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When I disputed the claim I learned that BFM is claiming a wind sound from a "Sounds of Nature" CD they own the rights to has been infringed upon-so apparently they own the wind, all wind. So beware when recording the wind with your digital recorders, those evil copyrighted natural content devices!

Thanks for all the tips! I'm reading through these comments now.




It seems to me that algorithms for identifying similar sounds would be likely to find an lot of pretty generic noises similar to a sample of wind -- other wind, distant traffic, etc etc.

As such, BFM giving such a sample to Youtube's automated infringement detector strikes me as copyright trolling -- it's inevitably gonna get lots of false positives, and they get to make a bit of money off each before the YT appeals process works itself out.


Wow, that is just pure evil! They're making a total mockery of the copyright system and I'm relishing the idea of someone exposing them for who they are. If they don't resolve this reasonably, would you consider taking them to court? Is it financially feasible?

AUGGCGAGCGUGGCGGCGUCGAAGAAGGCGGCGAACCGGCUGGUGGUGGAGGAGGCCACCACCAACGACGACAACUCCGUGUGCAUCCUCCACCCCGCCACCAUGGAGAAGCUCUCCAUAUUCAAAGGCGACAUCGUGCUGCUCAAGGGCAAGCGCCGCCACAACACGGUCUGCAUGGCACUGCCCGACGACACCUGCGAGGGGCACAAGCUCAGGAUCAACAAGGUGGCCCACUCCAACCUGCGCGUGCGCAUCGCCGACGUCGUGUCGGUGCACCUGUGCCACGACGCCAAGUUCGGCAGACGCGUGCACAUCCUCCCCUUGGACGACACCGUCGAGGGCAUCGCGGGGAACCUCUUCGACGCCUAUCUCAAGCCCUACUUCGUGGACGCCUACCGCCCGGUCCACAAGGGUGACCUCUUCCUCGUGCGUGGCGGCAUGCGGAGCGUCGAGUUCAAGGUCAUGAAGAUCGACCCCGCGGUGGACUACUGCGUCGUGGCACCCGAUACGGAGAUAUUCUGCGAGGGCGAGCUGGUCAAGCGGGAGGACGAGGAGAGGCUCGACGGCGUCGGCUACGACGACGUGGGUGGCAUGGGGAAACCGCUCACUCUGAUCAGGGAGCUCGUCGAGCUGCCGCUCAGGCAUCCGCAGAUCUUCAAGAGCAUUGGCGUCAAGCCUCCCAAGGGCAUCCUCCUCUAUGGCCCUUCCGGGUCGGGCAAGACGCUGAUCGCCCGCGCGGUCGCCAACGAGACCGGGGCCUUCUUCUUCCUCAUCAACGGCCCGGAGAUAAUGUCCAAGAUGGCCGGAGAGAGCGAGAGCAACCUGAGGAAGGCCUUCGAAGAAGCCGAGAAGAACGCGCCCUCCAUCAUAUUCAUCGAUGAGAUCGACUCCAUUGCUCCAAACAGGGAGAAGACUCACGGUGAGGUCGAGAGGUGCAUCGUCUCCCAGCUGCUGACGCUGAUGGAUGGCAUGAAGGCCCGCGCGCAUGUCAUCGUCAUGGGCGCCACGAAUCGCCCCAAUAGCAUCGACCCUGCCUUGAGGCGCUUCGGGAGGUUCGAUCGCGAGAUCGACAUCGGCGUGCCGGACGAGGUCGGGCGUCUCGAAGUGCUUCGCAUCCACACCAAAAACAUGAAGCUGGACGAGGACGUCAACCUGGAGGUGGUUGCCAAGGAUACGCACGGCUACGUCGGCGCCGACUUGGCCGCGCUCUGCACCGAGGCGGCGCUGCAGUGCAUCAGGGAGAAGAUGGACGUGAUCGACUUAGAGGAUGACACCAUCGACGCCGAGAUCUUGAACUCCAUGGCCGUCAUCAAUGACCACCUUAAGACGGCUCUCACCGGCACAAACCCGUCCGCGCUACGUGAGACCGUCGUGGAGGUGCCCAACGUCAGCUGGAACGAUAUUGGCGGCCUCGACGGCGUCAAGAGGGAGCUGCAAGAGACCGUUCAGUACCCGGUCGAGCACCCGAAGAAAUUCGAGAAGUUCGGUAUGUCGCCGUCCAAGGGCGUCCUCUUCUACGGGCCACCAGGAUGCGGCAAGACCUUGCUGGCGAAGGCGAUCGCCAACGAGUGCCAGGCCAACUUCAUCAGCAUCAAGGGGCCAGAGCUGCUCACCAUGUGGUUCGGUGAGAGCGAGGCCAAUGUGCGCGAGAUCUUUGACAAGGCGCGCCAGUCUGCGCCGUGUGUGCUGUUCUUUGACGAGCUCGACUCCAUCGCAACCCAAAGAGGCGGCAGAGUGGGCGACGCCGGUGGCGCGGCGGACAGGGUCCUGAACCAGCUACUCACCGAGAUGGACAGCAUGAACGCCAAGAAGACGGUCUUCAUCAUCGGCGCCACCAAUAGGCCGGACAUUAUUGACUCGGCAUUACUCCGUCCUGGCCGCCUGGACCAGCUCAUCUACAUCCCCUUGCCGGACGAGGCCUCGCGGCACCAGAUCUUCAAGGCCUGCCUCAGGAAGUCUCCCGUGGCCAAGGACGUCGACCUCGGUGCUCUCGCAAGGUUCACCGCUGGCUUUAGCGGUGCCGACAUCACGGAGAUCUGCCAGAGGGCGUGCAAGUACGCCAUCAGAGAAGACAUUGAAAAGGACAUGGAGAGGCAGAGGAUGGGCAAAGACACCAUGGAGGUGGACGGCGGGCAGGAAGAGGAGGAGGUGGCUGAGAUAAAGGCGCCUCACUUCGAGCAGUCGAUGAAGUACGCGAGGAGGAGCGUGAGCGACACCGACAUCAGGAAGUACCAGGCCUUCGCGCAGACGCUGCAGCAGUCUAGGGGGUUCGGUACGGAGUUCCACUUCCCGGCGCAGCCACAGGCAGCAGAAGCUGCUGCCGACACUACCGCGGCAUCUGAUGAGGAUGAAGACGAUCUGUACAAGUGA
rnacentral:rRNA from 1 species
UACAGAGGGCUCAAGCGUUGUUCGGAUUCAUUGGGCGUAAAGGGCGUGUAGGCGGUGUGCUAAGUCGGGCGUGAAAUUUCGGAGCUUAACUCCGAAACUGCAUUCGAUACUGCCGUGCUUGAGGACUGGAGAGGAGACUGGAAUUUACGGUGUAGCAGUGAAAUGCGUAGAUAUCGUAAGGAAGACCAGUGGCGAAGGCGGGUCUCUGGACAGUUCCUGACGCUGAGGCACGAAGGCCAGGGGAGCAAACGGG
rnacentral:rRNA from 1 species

You're allowed to copyright a recording of wind, just like you're allowed to copyright a photograph of a lake. The dumb part was putting into Youtube's system to look for similar ones.


What if we float the possibility that it's not evil, but just incompetent and lazy? It seems pretty likely that they learned they could upload all their content in order to protect it and then did so without any input from someone who knows anything about the fingerprinting algorithms and where they were likely to fail.

It seems that the fault rests squarely on YouTube for not getting this right.


I would claim that being willfully "incompetent and lazy" in a way that harms others IS evil.




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